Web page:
Chris offers a wealth of knowledge from his background teaching and practicing law. In his legal practice, Chris represents clients with issues related to consumer law, bankruptcy, bankruptcy litigation, and civil litigation. In addition to his legal practice, Chris held an appointment as an adjunct professor with the University of Minnesota Law School where he was a co-instructor of the consumer bankruptcy clinic and Duberstein Moot Court Competition team. While in law school, Chris was the student director of the bankruptcy clinic and the recipient of 2011 Outstanding Clinical Student Award from the Clinical Legal Education Association for his participation in the Consumer Bankruptcy Clinic. After graduation, Chris was a fellow with Volunteer Lawyer’s Network. Since completing his fellowship, Chris has also gained significant experience in financial services litigation and securities litigation related to Residential Mortgage-Backed Securities.
Chris received his J.D. from the University of Minnesota Law School and his B.A. in Philosophy from the University of Wisconsin.
Chris enjoys spending time with his wife and kids, cycling, camping, woodworking and playing guitar.
Membership & Affiliations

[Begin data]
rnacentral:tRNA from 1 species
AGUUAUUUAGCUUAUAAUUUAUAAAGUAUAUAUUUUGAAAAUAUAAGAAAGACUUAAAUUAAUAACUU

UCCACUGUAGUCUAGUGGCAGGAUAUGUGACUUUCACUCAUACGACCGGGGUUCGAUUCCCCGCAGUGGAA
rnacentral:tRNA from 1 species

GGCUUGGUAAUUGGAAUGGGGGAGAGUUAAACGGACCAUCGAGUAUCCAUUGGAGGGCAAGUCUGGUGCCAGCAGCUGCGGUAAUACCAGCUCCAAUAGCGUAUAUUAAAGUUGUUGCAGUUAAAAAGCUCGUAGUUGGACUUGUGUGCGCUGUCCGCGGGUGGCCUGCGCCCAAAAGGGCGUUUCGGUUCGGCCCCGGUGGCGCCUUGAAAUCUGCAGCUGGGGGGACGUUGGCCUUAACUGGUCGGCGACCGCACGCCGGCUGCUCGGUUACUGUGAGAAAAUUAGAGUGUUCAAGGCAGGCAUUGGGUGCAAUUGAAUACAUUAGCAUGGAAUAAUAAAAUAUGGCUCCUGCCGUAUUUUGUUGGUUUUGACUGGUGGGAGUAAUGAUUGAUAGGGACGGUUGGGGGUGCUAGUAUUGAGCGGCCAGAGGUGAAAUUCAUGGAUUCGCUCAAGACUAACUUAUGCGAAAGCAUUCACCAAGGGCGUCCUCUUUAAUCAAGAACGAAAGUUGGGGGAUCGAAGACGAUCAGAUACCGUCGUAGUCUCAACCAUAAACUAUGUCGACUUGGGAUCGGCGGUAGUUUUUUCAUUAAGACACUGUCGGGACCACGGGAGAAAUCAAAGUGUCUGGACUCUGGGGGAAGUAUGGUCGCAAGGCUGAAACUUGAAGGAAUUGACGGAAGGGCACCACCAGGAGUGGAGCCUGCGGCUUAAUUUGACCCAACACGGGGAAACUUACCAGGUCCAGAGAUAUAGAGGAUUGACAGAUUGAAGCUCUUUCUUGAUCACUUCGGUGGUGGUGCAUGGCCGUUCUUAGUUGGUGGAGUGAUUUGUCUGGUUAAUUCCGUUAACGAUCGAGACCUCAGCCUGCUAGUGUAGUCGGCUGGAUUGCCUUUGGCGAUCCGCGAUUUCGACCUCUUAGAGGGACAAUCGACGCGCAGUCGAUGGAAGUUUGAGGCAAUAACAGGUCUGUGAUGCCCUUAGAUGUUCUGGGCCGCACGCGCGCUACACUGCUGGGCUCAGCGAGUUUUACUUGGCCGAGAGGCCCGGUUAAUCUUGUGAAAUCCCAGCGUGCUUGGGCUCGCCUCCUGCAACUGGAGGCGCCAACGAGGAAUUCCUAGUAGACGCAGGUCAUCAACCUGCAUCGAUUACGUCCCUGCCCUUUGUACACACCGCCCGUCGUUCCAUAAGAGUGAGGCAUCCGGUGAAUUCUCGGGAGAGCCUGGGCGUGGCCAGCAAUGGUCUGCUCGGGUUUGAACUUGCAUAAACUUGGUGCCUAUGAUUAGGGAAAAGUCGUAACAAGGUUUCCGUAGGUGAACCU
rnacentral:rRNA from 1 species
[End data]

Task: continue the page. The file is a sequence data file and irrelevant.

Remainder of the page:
Awards & Recognition
Super Lawyers Rising Star
2020 – 2021
Cases and Orders
Howard v. Sun Trust Fin. LLC, Case No. A21-1634, (Minn. Ct. App. Oct. 10, 2022) affirming buyers’ claims against seller of real estate on buyers’ quiet title claim, and reversing and remanding to the district court on slander of title claim, all relating to a telecommunication easement recorded after date of purchase agreement.
Settled second mortgage debt collection case for 6% of amount demanded by debt collector.
MCHS Red Wing v. Converse, Case No. A20-1001 (Minn. Ct. App. May 3, 2021) reversing district court and ordering debt collection lawsuit dismissed with prejudice for failure to timely file complaint pursuant to Rule 5.04.
Nowling v. SN Servicing Corp., Case No. 0:19-cv-01605-PJS-TNL (D. Minn. Mar. 16, 2020) denying Defendant mortgage servicer’s motion to dismiss RESPA complaint and declining to invoke the doctrine of judicial estoppel based on a finding that debtors lacked a motive to conceal claims in their bankruptcy case when those claims would otherwise have been exempt under applicable bankruptcy law.
Articles & Publications
Contributing Author, Carl E. Christensen, “The Complete Lawyer: Consumer Law” (Minn. CLE 2022).